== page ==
Barred from churches, sex offenders go to court
RALEIGH, N.C. – Convicted sex offender James Nichols said he was trying to better himself by going to church. But the police who arrested him explained: The church is off-limits because it has a day care center.
Now Nichols is challenging North Carolina’s sex-offender laws in a case that pits the constitutional right to religious freedom against the state’s goal of protecting the public from child molesters.
“I just started asking the question, ‘Why? Why am I being treated this way after trying to better myself?’ ” said Nichols, a 31-year-old who was convicted of indecent liberties with a teen girl and attempted second-degree rape. “The law gives you no room to better yourself.”
At issue in Nichols’ case and a similar one in Georgia are day care centers and youth programs at houses of worship where sex offenders can come into proximity with children. Sex offender advocates agree some convicts should not be allowed around children, but they contend barring all offenders denies them support needed to become productive citizens.
“Criminalizing the practice of religion for everyone on the registry will do more harm than good,” said Sara Totonchi, policy director for the Southern Center for Human Rights. “With these laws, states are driving people on the registry from their faith community and depriving them of the rehabilitative influence of the church.”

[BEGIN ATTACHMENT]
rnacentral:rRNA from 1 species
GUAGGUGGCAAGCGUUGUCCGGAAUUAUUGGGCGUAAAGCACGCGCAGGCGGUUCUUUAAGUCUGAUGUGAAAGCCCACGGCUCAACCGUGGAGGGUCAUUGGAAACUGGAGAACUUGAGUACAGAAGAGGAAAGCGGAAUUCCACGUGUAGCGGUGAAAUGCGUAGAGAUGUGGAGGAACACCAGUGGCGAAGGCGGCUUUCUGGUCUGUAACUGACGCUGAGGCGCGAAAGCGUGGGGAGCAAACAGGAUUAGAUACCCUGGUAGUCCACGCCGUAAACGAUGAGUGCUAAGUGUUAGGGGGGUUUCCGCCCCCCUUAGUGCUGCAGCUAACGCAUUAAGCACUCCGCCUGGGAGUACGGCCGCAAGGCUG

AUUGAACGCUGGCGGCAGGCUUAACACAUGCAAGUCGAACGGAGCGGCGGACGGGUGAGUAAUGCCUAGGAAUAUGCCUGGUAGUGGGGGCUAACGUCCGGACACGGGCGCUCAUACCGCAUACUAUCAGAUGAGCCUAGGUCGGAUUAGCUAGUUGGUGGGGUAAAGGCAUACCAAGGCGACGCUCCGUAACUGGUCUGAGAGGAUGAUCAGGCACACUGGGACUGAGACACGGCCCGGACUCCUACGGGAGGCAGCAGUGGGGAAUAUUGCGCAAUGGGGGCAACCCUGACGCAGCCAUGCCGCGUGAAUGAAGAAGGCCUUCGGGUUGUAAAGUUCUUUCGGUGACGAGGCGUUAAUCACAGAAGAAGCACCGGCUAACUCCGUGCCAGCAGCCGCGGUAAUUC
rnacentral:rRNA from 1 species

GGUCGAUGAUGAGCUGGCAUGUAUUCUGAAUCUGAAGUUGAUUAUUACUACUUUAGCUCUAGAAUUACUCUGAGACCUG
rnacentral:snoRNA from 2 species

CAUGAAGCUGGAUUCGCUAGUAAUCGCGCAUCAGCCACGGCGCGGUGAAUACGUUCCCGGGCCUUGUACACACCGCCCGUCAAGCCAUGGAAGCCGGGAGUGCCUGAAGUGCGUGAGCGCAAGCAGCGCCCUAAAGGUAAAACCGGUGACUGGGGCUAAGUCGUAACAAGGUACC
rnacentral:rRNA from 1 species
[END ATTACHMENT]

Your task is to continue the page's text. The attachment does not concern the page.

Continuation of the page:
Thirty-six states establish zones where sex offenders cannot live or visit. Some states provide exemptions for churches, but many do not.
In December, North Carolina state legislators barred sex offenders from coming within 300 feet of any place intended primarily for the use, care or supervision of minors.
Three months later, Nichols was arrested at his home after attending Sunday services. He said he was “floored” to learn that he had been picked up because Moncure Baptist Church has a child care center for families attending services.
“I believe wholeheartedly if it wasn’t for God, I don’t know where I’d be today,” he said. “God’s blessed me with learning how to live a better life.”
In Georgia, the Southern Center for Human Rights sued the state in part because the law there prevents offenders from volunteering in places of worship. The lawsuit brought on behalf of Georgia’s 16,000-plus registered sex offenders is pending in federal court.
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